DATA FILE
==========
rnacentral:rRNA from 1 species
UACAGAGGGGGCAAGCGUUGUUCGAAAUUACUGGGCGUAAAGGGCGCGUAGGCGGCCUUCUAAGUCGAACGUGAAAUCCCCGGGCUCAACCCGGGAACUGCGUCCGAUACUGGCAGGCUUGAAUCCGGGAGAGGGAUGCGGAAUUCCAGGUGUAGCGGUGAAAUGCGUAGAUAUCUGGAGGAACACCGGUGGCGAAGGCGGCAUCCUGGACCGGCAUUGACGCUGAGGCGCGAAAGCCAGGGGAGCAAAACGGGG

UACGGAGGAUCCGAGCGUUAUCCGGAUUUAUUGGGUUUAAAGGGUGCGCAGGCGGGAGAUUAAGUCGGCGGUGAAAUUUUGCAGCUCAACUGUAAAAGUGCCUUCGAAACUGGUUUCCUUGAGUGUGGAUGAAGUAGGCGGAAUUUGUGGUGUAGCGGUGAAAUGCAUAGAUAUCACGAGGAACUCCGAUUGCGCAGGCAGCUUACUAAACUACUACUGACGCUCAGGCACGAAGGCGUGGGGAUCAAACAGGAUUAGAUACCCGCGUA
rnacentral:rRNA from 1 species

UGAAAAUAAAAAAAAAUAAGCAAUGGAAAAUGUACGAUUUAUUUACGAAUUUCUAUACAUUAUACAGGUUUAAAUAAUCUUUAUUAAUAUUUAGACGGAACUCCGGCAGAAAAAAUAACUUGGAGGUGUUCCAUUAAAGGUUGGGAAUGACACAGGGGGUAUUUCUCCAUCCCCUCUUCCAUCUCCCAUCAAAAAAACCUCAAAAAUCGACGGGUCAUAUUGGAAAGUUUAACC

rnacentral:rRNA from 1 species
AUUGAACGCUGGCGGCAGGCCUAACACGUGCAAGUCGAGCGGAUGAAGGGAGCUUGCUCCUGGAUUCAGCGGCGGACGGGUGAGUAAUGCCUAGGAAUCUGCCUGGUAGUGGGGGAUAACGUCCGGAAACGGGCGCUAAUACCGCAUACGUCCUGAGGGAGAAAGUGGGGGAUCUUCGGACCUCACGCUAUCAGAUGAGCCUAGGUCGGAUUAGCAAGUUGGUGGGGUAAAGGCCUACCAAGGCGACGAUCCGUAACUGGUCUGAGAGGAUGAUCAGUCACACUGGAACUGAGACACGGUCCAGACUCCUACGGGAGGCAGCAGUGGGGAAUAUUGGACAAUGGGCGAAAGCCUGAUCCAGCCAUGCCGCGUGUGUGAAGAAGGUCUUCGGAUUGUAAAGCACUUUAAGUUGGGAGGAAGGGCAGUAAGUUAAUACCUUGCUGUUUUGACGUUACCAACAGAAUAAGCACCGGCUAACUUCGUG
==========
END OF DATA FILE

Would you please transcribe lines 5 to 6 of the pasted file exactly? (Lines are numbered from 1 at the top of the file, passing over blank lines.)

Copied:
UGAAAAUAAAAAAAAAUAAGCAAUGGAAAAUGUACGAUUUAUUUACGAAUUUCUAUACAUUAUACAGGUUUAAAUAAUCUUUAUUAAUAUUUAGACGGAACUCCGGCAGAAAAAAUAACUUGGAGGUGUUCCAUUAAAGGUUGGGAAUGACACAGGGGGUAUUUCUCCAUCCCCUCUUCCAUCUCCCAUCAAAAAAACCUCAAAAAUCGACGGGUCAUAUUGGAAAGUUUAACC

rnacentral:rRNA from 1 species